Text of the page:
By Todd Cohen
RALEIGH, N.C. — When five Raleigh friends got together on Sept. 11, 2001, to watch the news about the terrorist attacks in New York City and Washington, D.C., they decided to try to do something to support survivors’ families.
Their solution was Band Together for Our Heroes, a live concert in downtown Raleigh two months later that featured four bands, included two firefighters from New York City, attracted 1,300 guests and raised $56,000 for the Survivors Fund.
A year later, the friends formed Band Together, a nonprofit that would use live music to raise money, particularly from the business community, to support disaster relief and local nonprofits.
Typically partnering with a single nonprofit each year, Band Together has donated nearly $5.5 million to local nonprofits and become the largest charitable music event in the Southeast.
In 2005, it raised $175,000 for Raleigh-based Stop Hunger Now to provide relief for victims of the tsunami in South Asia, and $47,000 for the Raleigh-based Food Bank of Central and Eastern North Carolina to provide relief in the wake of Hurricane Katrina.
In recent years, it has developed a strategy it calls “partnership philanthropy,” working closely with an annual partner to raise money together and strengthen their respective organizations.
“We invest ourselves into that organization, and they invest themselves into ours, working for a year in a major campaign that ends in a massive concert,” says Danny Rosin, a co-founder of Band Together and owner of Brand Fuel, a promotional advertising firm in Research Triangle Park.
The goals each year for both partners are “not only to raise funds and awareness, but also to learn better nonprofit skills,” says Rosin, a self-described “uber fan of live music,” who served until four years ago as Band Together’s volunteer director and until a year ago as its board president. He now heads its advisory board, which raises over 60 percent of its funds.
This past year, Band Together’s partnership with StepUp Ministry in Raleigh — the two groups also partnered in 2010 — raised $2 million.
Band Together raised $500,000 of the total through a series of fundraising activities, including a live concert on June 27 at the Red Hat Amphitheater in downtown Raleigh, and StepUp raised $1.5 million. Each had challenged the other to raise those totals.
StepUp, an interfaith nonprofit founded in 1988 that works to equip low-income and homeless people with skills to live independently, plans to use the funds to open a Durham operation in August, to create StepUp North Carolina to oversee the startup of new StepUps throughout the state, and to support the original StepUp in Raleigh.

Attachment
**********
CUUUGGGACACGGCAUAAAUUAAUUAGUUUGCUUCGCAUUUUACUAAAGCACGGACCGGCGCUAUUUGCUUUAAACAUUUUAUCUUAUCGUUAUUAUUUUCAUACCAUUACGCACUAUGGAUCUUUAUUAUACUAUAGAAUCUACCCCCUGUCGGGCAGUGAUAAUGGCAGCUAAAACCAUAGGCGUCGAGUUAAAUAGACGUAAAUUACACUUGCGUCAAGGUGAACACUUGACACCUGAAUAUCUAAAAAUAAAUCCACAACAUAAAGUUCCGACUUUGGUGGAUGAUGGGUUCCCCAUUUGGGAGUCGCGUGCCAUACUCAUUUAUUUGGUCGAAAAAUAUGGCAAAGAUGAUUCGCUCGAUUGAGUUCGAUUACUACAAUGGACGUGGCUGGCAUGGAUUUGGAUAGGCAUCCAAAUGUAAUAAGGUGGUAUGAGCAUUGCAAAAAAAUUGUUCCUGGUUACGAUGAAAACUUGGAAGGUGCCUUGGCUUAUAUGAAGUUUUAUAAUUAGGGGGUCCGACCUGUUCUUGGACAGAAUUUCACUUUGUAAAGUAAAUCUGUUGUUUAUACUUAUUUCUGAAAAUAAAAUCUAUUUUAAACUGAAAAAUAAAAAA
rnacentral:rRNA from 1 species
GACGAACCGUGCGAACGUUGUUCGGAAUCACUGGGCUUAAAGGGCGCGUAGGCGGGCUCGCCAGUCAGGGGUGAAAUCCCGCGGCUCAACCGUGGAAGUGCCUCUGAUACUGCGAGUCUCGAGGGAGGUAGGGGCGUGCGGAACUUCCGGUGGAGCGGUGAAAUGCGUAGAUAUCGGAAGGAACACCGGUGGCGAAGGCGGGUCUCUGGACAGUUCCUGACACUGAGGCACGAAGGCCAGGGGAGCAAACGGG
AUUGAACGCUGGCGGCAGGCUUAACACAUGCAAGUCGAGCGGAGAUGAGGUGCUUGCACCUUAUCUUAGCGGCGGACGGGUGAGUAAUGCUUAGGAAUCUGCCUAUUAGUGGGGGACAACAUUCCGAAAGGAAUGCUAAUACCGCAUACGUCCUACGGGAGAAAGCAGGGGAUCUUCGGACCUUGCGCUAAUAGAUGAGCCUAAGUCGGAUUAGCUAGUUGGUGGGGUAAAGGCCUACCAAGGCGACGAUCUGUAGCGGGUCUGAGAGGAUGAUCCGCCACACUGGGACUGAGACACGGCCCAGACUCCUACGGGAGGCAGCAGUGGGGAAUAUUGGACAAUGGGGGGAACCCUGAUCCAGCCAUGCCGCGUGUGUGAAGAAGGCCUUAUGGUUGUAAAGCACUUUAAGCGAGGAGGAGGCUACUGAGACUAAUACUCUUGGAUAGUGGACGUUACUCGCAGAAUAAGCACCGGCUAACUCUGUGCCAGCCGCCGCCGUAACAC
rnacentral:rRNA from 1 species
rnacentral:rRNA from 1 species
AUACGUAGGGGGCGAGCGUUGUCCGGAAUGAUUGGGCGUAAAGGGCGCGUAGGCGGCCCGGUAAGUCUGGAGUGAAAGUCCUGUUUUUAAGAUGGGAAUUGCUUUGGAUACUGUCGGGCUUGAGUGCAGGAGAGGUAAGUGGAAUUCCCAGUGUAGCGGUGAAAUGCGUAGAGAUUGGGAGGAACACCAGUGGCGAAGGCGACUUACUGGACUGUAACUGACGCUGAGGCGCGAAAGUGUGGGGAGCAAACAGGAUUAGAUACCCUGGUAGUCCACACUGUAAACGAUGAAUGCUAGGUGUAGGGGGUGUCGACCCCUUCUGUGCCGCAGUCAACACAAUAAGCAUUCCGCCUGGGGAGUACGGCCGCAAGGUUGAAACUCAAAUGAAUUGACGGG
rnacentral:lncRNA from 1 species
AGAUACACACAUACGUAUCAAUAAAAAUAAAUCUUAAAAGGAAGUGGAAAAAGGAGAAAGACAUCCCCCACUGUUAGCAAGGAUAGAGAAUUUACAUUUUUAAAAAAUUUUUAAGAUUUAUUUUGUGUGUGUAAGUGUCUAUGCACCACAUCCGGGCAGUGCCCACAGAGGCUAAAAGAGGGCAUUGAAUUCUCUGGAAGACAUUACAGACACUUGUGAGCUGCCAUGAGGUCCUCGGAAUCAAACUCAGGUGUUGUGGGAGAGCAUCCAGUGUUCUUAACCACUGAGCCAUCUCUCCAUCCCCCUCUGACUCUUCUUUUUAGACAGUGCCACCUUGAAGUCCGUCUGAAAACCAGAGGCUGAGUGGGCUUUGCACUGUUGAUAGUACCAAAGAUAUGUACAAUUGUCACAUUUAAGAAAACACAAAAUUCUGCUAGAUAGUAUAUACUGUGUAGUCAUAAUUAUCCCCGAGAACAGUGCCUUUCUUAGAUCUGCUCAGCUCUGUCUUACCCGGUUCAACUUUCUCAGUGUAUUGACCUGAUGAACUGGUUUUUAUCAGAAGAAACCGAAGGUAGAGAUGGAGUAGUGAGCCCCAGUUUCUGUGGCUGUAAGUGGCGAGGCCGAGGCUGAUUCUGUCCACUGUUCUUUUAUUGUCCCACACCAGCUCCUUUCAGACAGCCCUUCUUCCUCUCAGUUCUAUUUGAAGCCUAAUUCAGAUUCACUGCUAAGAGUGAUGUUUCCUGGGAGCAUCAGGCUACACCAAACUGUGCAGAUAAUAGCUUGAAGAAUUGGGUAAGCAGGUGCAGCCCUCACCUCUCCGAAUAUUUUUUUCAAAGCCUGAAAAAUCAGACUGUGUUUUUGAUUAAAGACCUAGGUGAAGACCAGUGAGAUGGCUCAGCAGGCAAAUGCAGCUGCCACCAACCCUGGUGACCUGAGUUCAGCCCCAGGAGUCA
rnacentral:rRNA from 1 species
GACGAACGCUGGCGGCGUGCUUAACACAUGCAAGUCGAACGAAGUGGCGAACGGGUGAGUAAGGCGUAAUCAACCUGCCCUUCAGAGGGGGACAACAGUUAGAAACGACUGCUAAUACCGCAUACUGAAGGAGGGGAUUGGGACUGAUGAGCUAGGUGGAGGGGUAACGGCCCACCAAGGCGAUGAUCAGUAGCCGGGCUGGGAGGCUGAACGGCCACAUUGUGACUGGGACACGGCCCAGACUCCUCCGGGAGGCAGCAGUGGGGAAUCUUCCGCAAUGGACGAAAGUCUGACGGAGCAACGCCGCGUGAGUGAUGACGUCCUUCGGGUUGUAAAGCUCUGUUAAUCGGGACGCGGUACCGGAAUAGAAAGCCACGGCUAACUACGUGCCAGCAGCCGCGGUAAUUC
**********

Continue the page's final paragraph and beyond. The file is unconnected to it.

The partnership with Band Together helped boost awareness of StepUp throughout the Triangle and helped it raise money by treating the partnership like a capital campaign with a specific focus, in this case expanding to Durham and eventually other communities, says Linda Nunnallee, executive director of StepUp Raleigh.
Band Together, which counts on volunteers to handle most of its fundraising and concert planning and logistics, is an “open-source” nonprofit, Rosin says, sharing donor information with its annual partner, visiting prospective donors together, and co-branding marketing materials.
Rosin, for example, brought Nunnallee on a fundraising visit to Cargill, a Band Together funder, which agreed to give $10,000. Band Together gets 15 percent of the net proceeds of funds the partnership raises to support its operations, and StepUp receives the remainder.
“Together we’re better,” Rosin says.
Band Together picks its annual partner based on an intensive vetting process, operates rent-free in its partner’s offices, and works with its partner to strengthen the leadership of their respective organizations.
“We want to leave our partners better than we found them,” says Matt Strickland, who became Band Together’s first executive director and paid employee in 2011.
Now, Band Together aims to increase the value of its annual concert for donors and sponsors, such as improving VIP networking opportunities for their clients, employees and vendors.
And it is looking for ways to provide smaller nonprofits with some of the funds its annual partnerships raises, and possibly help build those smaller groups’ organizational “capacity,” Rosin says.
“There are smaller agencies doing great work that we want to support,” he says.